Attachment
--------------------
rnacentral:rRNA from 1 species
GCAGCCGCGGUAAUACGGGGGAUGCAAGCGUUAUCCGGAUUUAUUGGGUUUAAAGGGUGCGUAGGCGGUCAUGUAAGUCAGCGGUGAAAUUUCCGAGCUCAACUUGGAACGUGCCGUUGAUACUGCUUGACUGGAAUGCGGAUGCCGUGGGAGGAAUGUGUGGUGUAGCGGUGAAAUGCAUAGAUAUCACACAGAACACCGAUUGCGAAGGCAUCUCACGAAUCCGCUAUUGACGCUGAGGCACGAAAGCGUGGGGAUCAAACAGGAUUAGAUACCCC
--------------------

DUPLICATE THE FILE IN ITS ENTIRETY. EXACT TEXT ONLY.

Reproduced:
rnacentral:rRNA from 1 species
GCAGCCGCGGUAAUACGGGGGAUGCAAGCGUUAUCCGGAUUUAUUGGGUUUAAAGGGUGCGUAGGCGGUCAUGUAAGUCAGCGGUGAAAUUUCCGAGCUCAACUUGGAACGUGCCGUUGAUACUGCUUGACUGGAAUGCGGAUGCCGUGGGAGGAAUGUGUGGUGUAGCGGUGAAAUGCAUAGAUAUCACACAGAACACCGAUUGCGAAGGCAUCUCACGAAUCCGCUAUUGACGCUGAGGCACGAAAGCGUGGGGAUCAAACAGGAUUAGAUACCCC